Colorado U.S. Senator Michael Bennet today joined Senator Tom Harkin (D-IA), chairman of the Senate Health, Education, Labor, and Pensions (HELP) Committee, and Ranking Member Lamar Alexander (R-TN) to introduce a bill to speed the development of treatments and vaccines for Ebola.
The bipartisan bill would add Ebola to FDA's priority review "voucher" program, a program at the Food and Drug Administration (FDA) designed to encourage the development of new drugs for neglected tropical diseases. Currently Ebola is not listed as a qualifying tropical disease.
"The growing Ebola epidemic in West Africa requires our attention," Bennet said. "This bill will encourage Colorado's innovative bioscience community to continue their work on treatments to combat the spread of this disease. With an increased focus on fighting Ebola, medical personnel will be able to reverse the spread in Africa and ensure outbreaks don't occur elsewhere."
The bill would add Ebola to FDA's priority review voucher program, which Congress first authorized in 2007 to promote the development of new treatments and vaccines for neglected tropical diseases. Under the program, a developer of a treatment for a qualifying tropical disease receives a voucher for FDA priority review to be used with a second product of its choice, or this voucher can be sold.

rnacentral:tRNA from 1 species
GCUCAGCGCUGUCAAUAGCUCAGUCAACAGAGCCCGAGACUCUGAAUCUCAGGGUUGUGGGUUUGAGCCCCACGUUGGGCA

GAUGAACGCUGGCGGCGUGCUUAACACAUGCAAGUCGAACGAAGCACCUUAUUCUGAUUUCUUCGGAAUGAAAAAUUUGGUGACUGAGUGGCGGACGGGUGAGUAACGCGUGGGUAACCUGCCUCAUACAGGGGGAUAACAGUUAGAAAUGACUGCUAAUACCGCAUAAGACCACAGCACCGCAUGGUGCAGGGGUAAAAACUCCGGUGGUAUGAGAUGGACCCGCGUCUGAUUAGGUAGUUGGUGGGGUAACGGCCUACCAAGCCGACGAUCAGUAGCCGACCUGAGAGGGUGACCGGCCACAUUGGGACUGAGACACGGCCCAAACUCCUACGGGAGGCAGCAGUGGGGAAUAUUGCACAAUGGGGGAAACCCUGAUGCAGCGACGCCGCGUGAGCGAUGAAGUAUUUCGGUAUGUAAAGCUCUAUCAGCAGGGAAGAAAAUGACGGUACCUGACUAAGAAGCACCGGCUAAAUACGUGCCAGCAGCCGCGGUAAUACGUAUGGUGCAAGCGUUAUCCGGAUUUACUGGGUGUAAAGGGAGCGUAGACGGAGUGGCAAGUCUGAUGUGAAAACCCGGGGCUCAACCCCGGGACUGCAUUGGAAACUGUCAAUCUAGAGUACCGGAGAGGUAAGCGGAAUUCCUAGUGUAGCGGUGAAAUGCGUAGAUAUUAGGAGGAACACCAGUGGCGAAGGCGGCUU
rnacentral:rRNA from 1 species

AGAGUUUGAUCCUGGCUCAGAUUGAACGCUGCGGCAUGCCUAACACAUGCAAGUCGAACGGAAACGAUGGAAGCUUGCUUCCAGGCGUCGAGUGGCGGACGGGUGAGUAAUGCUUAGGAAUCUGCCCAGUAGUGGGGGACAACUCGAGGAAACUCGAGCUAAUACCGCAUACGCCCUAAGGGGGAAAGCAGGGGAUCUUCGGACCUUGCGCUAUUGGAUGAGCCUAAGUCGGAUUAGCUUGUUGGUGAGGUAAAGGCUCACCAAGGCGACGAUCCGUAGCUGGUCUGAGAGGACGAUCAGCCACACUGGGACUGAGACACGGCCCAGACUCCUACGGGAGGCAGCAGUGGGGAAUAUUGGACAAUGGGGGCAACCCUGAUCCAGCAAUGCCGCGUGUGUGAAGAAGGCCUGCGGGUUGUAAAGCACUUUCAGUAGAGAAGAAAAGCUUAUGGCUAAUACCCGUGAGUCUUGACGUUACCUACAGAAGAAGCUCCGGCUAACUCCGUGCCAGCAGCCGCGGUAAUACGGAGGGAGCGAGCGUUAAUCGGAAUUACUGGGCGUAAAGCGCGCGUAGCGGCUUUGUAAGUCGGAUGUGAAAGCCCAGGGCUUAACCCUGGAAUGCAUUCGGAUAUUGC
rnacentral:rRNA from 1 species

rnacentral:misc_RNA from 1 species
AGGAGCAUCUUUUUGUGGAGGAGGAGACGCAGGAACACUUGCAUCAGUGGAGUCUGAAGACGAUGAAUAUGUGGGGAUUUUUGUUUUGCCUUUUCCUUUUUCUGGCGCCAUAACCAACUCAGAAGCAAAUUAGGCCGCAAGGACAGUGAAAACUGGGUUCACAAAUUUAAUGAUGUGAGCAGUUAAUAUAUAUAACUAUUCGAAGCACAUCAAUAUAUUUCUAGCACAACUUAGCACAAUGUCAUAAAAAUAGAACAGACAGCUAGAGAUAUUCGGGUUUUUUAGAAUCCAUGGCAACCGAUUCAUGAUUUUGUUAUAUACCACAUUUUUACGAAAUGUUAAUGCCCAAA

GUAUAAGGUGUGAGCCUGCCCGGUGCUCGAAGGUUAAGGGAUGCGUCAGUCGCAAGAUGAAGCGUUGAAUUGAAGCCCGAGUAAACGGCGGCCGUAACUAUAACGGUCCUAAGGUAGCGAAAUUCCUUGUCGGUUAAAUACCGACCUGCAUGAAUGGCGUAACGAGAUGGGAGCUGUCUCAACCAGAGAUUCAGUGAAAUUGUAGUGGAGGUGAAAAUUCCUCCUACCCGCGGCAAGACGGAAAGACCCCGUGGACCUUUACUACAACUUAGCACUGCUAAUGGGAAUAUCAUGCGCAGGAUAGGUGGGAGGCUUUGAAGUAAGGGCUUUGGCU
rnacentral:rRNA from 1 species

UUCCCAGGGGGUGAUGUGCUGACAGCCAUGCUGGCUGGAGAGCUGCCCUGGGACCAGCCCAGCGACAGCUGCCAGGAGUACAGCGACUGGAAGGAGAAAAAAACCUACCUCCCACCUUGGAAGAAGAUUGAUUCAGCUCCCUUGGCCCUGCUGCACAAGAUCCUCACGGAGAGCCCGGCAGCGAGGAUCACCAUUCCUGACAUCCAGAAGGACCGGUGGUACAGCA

However, Ebola is not considered a qualifying disease under current law, so developers of Ebola treatments and vaccines currently do not qualify for the program. This bill would change that and immediately add Ebola to the program - a step that should be taken given that we need our full arsenal of tools at work.
The bill is also cosponsored by Senators Richard Burr (R-NC), Robert Casey (D-PA), Mike Enzi (R-WY), Al Franken (D-MN), Orrin Hatch (R-UT), Mark Kirk (R-IL), Barbara Mikulski (D-MD), Patty Murray (D-WA), and Elizabeth Warren (D-MA).
Last month, Bennet wrote a letter to the Departments of Homeland Security and Health and Human Services requesting information on what steps are being taken by these agencies and what Coloradans can do to ensure the state is adequately prepared for any possible scenario that may arise.